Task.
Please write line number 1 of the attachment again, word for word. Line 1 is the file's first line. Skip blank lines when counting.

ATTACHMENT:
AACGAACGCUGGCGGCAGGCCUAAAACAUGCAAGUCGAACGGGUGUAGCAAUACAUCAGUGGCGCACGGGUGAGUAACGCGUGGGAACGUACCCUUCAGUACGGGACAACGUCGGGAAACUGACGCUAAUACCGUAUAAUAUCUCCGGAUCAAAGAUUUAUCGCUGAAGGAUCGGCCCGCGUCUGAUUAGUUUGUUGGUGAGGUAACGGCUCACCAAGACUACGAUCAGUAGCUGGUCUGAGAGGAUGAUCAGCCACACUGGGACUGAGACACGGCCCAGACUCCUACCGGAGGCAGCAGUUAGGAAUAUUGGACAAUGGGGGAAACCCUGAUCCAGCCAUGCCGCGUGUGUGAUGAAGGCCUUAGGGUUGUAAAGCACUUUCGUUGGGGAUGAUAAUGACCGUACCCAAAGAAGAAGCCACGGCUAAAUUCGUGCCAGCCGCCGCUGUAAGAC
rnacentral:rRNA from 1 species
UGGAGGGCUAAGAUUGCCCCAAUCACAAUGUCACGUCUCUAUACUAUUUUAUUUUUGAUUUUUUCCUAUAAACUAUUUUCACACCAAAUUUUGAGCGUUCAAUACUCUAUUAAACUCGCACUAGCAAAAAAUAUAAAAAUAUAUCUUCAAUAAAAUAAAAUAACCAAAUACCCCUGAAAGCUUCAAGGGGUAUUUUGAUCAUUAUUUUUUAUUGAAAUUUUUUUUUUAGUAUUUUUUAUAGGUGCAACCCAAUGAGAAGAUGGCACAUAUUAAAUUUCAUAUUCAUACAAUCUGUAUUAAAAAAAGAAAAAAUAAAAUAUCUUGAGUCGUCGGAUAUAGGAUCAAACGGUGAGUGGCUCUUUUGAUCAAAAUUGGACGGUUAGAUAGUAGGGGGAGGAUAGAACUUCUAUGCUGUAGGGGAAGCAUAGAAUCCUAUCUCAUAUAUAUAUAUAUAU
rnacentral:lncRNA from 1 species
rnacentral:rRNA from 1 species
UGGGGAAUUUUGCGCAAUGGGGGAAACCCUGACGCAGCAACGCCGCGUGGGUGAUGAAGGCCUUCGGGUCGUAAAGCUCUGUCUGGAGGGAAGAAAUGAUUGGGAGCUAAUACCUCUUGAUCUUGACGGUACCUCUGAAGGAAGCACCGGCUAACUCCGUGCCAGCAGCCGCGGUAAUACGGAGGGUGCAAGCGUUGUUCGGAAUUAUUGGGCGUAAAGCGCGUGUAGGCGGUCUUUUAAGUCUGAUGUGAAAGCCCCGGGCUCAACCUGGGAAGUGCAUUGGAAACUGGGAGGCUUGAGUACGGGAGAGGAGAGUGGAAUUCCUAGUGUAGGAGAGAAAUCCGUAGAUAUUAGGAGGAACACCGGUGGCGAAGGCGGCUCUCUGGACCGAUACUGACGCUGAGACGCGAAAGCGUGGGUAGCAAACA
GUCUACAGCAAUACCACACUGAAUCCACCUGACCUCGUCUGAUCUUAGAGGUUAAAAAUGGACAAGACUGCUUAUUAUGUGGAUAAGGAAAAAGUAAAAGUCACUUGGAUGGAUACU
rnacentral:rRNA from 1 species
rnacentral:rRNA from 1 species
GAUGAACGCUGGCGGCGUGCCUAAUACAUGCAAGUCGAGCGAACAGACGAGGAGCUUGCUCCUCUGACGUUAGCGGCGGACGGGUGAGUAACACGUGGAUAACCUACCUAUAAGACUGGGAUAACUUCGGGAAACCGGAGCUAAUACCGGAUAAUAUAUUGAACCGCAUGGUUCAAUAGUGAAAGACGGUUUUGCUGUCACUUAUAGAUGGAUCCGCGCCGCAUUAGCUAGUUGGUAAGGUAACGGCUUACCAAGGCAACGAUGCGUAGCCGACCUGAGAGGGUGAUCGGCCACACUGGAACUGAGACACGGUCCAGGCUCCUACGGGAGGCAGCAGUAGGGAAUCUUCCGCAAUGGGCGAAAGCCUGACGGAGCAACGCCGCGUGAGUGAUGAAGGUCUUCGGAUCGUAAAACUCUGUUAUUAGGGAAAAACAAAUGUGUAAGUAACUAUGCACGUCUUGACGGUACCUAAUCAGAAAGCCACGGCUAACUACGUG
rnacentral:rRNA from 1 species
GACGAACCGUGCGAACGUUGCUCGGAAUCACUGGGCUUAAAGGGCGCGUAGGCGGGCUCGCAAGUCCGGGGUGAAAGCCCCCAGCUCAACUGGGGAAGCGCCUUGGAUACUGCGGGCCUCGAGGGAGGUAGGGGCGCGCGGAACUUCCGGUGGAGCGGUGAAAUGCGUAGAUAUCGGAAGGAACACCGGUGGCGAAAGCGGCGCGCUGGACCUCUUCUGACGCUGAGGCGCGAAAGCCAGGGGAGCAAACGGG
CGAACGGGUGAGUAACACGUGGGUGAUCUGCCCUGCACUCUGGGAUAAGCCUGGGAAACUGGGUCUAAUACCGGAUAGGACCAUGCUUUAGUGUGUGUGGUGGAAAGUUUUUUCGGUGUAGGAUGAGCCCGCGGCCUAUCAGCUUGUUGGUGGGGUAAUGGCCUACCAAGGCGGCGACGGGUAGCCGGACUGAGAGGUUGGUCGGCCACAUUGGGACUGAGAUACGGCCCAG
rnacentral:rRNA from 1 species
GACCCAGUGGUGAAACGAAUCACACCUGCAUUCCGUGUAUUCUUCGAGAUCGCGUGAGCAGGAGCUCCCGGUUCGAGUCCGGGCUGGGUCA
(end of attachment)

AACGAACGCUGGCGGCAGGCCUAAAACAUGCAAGUCGAACGGGUGUAGCAAUACAUCAGUGGCGCACGGGUGAGUAACGCGUGGGAACGUACCCUUCAGUACGGGACAACGUCGGGAAACUGACGCUAAUACCGUAUAAUAUCUCCGGAUCAAAGAUUUAUCGCUGAAGGAUCGGCCCGCGUCUGAUUAGUUUGUUGGUGAGGUAACGGCUCACCAAGACUACGAUCAGUAGCUGGUCUGAGAGGAUGAUCAGCCACACUGGGACUGAGACACGGCCCAGACUCCUACCGGAGGCAGCAGUUAGGAAUAUUGGACAAUGGGGGAAACCCUGAUCCAGCCAUGCCGCGUGUGUGAUGAAGGCCUUAGGGUUGUAAAGCACUUUCGUUGGGGAUGAUAAUGACCGUACCCAAAGAAGAAGCCACGGCUAAAUUCGUGCCAGCCGCCGCUGUAAGAC